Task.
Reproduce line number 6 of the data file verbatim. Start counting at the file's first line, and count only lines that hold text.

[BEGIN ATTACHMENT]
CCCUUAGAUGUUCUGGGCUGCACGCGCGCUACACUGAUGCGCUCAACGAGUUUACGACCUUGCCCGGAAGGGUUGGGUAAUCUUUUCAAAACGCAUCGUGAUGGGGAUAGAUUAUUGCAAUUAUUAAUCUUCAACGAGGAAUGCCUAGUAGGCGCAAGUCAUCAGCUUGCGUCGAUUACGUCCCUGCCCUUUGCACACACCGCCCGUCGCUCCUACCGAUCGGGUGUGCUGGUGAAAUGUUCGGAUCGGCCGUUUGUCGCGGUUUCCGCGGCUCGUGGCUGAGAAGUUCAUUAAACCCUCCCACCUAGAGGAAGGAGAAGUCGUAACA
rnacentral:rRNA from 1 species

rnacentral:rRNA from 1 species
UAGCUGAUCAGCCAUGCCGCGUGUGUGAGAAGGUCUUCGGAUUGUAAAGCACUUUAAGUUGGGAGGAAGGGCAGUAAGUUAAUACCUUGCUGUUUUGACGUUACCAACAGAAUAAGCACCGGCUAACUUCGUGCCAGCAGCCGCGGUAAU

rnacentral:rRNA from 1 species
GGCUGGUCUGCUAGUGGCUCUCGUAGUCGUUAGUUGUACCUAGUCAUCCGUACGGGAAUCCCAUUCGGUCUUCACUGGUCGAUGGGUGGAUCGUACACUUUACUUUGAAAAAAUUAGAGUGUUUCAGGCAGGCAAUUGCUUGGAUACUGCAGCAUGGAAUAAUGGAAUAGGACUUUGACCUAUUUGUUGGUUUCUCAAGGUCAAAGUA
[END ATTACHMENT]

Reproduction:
GGCUGGUCUGCUAGUGGCUCUCGUAGUCGUUAGUUGUACCUAGUCAUCCGUACGGGAAUCCCAUUCGGUCUUCACUGGUCGAUGGGUGGAUCGUACACUUUACUUUGAAAAAAUUAGAGUGUUUCAGGCAGGCAAUUGCUUGGAUACUGCAGCAUGGAAUAAUGGAAUAGGACUUUGACCUAUUUGUUGGUUUCUCAAGGUCAAAGUA